A fresh, friendly, dynamic format : at Progressive Connexions we are dedicated to breaking away from the stuffy, old-fashioned conference formats, where endless presentations are read aloud off PowerPoints. We work to bring you an interactive format, where exchange of experience and information is alternated with captivating workshops, engaging debates and round tables, time set aside for getting to know each other and for discussing common future projects and initiatives, all in a warm, relaxed, egalitarian atmosphere.
A chance to network with international professionals : the beauty of our interdisciplinary events is that they bring together professionals from all over the world and from various fields of activity, all joined together by a shared passion. Not only will the exchange of experience, knowledge and stories be extremely valuable in itself, but we seek to create lasting, ever-growing communities around our projects, which will become a valuable resource for those belonging to them.
A chance to be part of constructing change : There is only one thing we love as much as promoting knowledge: promoting real, lasting social change by encouraging our participants to take collective action, under whichever form is most suited to their needs and expertise (policy proposals, measuring instruments, research projects, educational materials, etc.) We will support all such actions in the aftermath of the event as well, providing a platform for further discussions, advice from the experts on our Project Advisory Team and various other tools and intellectual resources, as needed.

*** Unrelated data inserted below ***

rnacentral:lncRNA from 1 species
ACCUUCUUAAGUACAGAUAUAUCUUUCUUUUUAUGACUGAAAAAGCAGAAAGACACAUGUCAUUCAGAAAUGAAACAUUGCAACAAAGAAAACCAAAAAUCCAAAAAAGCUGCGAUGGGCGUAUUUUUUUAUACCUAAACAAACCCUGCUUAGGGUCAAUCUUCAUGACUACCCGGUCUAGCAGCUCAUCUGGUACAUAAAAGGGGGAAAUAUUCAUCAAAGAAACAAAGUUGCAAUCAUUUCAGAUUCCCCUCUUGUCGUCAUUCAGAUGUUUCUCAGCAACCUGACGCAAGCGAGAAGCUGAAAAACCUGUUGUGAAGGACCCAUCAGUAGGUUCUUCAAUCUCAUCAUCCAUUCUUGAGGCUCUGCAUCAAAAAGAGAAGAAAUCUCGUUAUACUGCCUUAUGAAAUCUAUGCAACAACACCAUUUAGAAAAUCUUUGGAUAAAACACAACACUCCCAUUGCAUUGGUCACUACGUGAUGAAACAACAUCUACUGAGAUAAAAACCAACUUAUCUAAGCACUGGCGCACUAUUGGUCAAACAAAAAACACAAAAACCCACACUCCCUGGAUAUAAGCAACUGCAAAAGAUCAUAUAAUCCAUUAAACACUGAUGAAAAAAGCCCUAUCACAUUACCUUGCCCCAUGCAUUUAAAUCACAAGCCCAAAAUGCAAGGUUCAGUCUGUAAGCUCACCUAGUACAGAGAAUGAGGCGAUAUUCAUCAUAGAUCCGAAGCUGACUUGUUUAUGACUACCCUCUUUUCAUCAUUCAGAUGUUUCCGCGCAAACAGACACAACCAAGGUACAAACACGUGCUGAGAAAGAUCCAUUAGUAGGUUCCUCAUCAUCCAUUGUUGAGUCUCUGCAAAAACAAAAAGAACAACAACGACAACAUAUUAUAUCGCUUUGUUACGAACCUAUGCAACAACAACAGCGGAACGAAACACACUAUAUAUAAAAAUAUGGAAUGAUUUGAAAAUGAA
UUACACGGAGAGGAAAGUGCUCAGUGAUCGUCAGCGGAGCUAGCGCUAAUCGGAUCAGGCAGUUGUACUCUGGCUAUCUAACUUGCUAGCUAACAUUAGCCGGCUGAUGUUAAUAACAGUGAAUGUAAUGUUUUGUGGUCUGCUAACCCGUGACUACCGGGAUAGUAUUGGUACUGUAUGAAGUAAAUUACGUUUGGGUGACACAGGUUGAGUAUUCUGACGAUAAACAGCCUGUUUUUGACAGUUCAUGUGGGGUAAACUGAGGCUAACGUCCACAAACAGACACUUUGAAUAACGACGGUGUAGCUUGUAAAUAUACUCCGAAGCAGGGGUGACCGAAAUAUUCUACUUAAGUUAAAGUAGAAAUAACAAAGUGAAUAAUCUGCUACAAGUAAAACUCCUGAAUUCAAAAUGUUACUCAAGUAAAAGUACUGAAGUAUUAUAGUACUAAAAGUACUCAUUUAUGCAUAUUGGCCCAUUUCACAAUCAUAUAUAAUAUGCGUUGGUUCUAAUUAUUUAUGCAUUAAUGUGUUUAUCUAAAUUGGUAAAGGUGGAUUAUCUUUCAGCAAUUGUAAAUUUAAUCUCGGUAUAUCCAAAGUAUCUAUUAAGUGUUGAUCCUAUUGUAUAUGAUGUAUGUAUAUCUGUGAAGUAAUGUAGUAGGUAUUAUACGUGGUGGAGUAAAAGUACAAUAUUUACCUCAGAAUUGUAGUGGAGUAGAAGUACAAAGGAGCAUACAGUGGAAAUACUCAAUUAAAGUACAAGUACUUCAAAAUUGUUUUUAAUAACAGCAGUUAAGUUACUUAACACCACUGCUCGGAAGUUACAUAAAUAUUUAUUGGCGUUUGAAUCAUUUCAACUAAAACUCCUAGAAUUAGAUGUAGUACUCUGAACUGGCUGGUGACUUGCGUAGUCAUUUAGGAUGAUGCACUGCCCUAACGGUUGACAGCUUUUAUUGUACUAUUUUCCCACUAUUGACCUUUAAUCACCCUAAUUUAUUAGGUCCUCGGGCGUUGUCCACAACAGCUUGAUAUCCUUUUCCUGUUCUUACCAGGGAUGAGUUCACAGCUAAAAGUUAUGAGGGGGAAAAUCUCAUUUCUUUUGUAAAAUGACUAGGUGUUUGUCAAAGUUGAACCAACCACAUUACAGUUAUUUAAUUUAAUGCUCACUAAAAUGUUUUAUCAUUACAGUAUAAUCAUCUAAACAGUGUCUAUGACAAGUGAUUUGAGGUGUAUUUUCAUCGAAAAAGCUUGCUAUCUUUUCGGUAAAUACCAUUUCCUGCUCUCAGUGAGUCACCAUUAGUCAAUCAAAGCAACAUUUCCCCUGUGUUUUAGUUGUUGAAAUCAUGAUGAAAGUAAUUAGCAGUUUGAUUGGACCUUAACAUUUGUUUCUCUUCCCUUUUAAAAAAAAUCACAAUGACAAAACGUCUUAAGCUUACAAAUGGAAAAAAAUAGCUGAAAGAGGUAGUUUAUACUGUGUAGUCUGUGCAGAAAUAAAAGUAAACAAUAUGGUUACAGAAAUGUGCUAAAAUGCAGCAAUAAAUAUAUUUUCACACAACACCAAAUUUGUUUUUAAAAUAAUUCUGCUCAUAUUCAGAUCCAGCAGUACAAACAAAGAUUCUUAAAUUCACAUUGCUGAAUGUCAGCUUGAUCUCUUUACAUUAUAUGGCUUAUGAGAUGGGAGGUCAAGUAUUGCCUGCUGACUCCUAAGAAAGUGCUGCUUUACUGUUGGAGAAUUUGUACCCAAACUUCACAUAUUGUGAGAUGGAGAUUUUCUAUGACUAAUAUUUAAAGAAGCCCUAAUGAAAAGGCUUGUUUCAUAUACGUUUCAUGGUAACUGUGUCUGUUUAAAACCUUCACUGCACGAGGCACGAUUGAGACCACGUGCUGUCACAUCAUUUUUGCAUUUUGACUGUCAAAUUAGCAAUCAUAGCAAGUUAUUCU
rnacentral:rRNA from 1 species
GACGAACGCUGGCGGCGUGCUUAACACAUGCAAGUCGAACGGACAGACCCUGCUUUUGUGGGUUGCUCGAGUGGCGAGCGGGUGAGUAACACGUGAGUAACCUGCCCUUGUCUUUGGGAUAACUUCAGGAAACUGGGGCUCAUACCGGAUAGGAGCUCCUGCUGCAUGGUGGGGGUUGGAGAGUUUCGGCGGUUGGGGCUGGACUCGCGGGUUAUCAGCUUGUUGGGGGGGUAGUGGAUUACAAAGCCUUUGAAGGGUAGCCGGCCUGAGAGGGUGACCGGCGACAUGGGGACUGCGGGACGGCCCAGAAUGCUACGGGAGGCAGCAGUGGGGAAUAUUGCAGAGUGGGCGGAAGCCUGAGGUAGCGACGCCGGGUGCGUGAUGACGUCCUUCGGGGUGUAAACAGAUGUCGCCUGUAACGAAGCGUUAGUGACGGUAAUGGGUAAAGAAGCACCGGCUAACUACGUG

An opportunity to discuss things that matter to you : Our events are not only about discussing how things work in the respective field, but also about how people work in that field : what are the struggles, problems and solutions professionals have found in their line of work, what are the areas where better communication among specialists is needed and how the interdisciplinary approach can help bridge those gaps and help provide answers to questions from specific areas of activity.
An unforgettable experience : When participating in a Progressive Connexions event, there is a good chance you will make some long-time friends. Our group sizes are intimate, our venues are comfortable and relaxing and our event locations are suited to the history and culture of the event.
Progressive Connexions believes it is a mark of personal courtesy and professional respect to your colleagues that all delegates should attend for the full duration of the meeting. If you are unable to make this commitment, please do not submit an abstract or proposal for presentation.
Please note: Progressive Connexions is a not-for-profit network and we are not in a position to be able to assist with conference travel or subsistence, nor can we offer discounts off published rates and fees.
Please send all enquiries to: email@example.com
For fruther details and information please visit the conference web page: https://www.progressiveconnexions.net/interdisciplinary-projects/evil/th...
Sponsored by: Progressive Connexions